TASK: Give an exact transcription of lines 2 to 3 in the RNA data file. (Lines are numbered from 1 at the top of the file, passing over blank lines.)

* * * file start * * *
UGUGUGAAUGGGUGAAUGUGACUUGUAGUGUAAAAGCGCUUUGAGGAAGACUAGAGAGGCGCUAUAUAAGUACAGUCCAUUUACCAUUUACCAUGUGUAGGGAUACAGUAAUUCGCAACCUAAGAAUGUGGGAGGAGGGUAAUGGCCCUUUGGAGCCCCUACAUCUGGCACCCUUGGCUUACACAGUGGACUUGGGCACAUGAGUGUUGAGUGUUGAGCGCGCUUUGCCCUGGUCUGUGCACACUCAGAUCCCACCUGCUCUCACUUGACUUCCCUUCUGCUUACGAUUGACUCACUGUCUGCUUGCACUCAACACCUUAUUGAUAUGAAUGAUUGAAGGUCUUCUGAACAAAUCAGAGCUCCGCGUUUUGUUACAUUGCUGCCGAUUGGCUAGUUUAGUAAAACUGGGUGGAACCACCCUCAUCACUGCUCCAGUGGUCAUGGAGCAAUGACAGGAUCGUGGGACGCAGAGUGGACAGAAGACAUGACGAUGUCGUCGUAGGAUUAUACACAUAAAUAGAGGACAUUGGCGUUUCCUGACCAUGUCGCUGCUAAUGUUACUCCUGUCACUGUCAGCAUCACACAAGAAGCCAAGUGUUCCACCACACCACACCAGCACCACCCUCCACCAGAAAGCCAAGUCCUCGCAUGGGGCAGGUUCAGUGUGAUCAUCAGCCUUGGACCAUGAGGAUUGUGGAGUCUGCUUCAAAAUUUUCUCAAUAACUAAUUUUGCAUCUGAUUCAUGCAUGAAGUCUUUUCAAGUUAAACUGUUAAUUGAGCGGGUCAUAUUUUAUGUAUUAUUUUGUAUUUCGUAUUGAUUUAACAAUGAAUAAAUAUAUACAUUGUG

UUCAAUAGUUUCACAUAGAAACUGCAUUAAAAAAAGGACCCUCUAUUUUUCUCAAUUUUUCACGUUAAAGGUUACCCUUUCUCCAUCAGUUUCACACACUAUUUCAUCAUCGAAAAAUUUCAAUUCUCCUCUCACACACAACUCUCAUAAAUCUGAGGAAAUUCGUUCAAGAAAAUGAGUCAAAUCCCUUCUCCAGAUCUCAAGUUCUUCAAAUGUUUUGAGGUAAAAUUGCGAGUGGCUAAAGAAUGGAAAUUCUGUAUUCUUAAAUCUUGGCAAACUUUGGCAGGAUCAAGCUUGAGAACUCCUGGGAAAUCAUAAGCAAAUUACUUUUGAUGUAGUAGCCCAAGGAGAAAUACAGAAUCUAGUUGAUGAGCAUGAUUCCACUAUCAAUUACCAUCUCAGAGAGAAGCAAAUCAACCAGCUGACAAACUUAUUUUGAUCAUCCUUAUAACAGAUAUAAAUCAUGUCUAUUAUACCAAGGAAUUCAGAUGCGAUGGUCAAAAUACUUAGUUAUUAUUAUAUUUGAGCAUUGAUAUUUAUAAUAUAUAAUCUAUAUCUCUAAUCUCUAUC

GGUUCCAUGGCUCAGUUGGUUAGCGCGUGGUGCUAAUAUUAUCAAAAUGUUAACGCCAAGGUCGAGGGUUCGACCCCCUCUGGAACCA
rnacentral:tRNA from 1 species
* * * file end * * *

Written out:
UUCAAUAGUUUCACAUAGAAACUGCAUUAAAAAAAGGACCCUCUAUUUUUCUCAAUUUUUCACGUUAAAGGUUACCCUUUCUCCAUCAGUUUCACACACUAUUUCAUCAUCGAAAAAUUUCAAUUCUCCUCUCACACACAACUCUCAUAAAUCUGAGGAAAUUCGUUCAAGAAAAUGAGUCAAAUCCCUUCUCCAGAUCUCAAGUUCUUCAAAUGUUUUGAGGUAAAAUUGCGAGUGGCUAAAGAAUGGAAAUUCUGUAUUCUUAAAUCUUGGCAAACUUUGGCAGGAUCAAGCUUGAGAACUCCUGGGAAAUCAUAAGCAAAUUACUUUUGAUGUAGUAGCCCAAGGAGAAAUACAGAAUCUAGUUGAUGAGCAUGAUUCCACUAUCAAUUACCAUCUCAGAGAGAAGCAAAUCAACCAGCUGACAAACUUAUUUUGAUCAUCCUUAUAACAGAUAUAAAUCAUGUCUAUUAUACCAAGGAAUUCAGAUGCGAUGGUCAAAAUACUUAGUUAUUAUUAUAUUUGAGCAUUGAUAUUUAUAAUAUAUAAUCUAUAUCUCUAAUCUCUAUC

GGUUCCAUGGCUCAGUUGGUUAGCGCGUGGUGCUAAUAUUAUCAAAAUGUUAACGCCAAGGUCGAGGGUUCGACCCCCUCUGGAACCA